AUDIENCE MEMBER:  (Inaudible.)

 

THE PRESIDENT:  I know, it’s surprising, isn’t it?  (Laughter.)  But we’ve had a little difficulty getting our Republican friends to work with us to find a steady funding source for these projects that everybody knows needs to happen.  But in fairness, one of the problems we’ve had in the past is, is that sometimes it takes too long to get projects off the ground.  There are all these permits and red tape and planning, and this and that, and some of it’s important to do, but we could do it faster. 

 

So a while back, what I did was I ordered everybody who was involved in approving projects to speed up the permitting process for 50 different big projects all across the country, from the Tappan Zee Bridge in New York to the Port of Charleston in South Carolina.  And we’ve been able to, in some cases, cut approval times from seven years down to a year.  So we’ve made progress.  (Applause.) 

 

Today, I’m directing agencies across the government to do what it takes to cut timelines for breaking ground on major infrastructure projects in half.  And what that will mean is, is that construction workers get back on the jobs faster.  It means more money going back into local economies, and it means more demand for outstanding dredging equipment that is made right here in Baltimore.  (Applause.) 

 

Now, as some of you know, one of the guys who has been working on this, he’s Deputy Transportation Secretary John Porcari, your former transportation secretary here in Maryland before Governor O’Malley generously agreed to share him with the entire country.  (Laughter.)

 

So those are some of the ways that we can create the conditions for businesses like this one to generate even more good jobs.  And these are the kinds of ideas that we have to stay focused on every single day.  This should be our principal focus:  How are we making ourselves more competitive; how are we training our workers so that they can do the jobs that need to be done; how can we make sure that we stay on the cutting edge in terms of technology; how are we making it easier for businesses to succeed.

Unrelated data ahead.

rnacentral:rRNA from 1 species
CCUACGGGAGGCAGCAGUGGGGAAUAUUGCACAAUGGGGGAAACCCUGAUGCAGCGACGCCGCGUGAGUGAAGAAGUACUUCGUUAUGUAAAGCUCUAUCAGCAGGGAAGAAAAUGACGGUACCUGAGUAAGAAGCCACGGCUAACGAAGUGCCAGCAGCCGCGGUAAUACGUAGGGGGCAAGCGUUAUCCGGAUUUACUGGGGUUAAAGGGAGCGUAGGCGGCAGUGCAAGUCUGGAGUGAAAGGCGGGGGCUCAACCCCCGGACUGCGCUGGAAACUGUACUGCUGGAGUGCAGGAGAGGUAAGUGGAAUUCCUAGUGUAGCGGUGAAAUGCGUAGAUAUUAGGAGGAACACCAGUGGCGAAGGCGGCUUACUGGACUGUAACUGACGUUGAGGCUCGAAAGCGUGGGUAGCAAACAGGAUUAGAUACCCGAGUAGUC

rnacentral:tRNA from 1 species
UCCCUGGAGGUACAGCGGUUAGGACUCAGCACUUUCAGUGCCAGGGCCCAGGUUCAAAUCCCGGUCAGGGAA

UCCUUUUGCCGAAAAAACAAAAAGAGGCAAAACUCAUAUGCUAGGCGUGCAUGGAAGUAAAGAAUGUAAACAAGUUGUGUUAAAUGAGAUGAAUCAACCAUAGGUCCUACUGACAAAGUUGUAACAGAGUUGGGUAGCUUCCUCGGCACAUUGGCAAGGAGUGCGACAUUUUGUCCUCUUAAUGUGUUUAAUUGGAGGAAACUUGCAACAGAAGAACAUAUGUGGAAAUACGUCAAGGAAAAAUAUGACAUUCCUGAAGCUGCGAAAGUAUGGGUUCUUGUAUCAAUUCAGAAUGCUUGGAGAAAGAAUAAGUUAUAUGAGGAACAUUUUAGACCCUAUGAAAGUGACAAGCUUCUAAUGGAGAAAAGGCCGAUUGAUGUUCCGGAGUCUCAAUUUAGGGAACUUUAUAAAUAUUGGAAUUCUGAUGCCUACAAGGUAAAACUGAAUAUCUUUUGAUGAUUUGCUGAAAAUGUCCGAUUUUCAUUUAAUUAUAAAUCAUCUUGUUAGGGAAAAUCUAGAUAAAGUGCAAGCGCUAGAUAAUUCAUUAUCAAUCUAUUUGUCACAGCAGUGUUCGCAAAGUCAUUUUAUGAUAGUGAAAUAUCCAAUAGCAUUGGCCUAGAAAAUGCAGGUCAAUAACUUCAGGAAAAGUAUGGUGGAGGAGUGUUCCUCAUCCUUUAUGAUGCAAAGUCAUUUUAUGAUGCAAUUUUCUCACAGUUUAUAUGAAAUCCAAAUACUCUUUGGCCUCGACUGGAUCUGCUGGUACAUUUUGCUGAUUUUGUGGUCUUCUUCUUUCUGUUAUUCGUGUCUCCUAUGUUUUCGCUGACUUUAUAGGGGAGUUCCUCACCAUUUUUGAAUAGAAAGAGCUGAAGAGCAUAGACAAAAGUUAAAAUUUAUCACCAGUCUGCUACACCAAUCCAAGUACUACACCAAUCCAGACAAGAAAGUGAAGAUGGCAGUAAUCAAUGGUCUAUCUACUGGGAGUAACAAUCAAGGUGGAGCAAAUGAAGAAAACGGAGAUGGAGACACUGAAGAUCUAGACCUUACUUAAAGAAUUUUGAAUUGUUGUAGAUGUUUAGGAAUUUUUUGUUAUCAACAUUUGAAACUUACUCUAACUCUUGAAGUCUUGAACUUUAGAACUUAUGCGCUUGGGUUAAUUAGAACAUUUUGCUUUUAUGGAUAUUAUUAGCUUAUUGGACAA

And I’m going to keep trying to work with both parties in Washington to make progress -- because our challenges are solvable.  I travel all around the world, and I meet people from all walks of life.  And I can tell you, there’s not a country on Earth that wouldn’t trade places with the United States of America.  That’s really true.  (Applause.)  They know we’ve got all the ingredients to succeed.  We’ve got the answers.  The only thing that’s holding us back sometimes is a lack of political will.  Sometimes our leadership isn’t focused where we need to be focused.  And that’s where you come in.  It’s up to you and all the people across the country to tell the people in Washington, focus on getting stuff done.  We may not agree on the way to do certain things, but I think we all love our country.  We all want what’s best for our kids and our grandkids. 

 

Wouldn’t we be better off if every American could find a good job that pays the bills and lets you afford a home, and maybe take a vacation, put some money away to retire?  Wouldn’t we be better off if we knew that all of our kids were getting a good education from an earliest age; if we reformed our high schools for this new economy; if we’re helping more young people afford to go to college? 

 

Wouldn’t we be better off if every worker’s wage was a wage you could live on?  Nobody wants to be on welfare.  Nobody wants to have to rely on a handout.  They want to work.  But let’s make sure that work pays. 

 

Wouldn’t we be better off if every American could afford quality healthcare, and the peace of mind that comes with it?  That's why we passed health care reform.  (Applause.)  Wouldn’t we be better off if we did what’s necessary to protect more of our children from the horrors of gun violence?  (Applause.)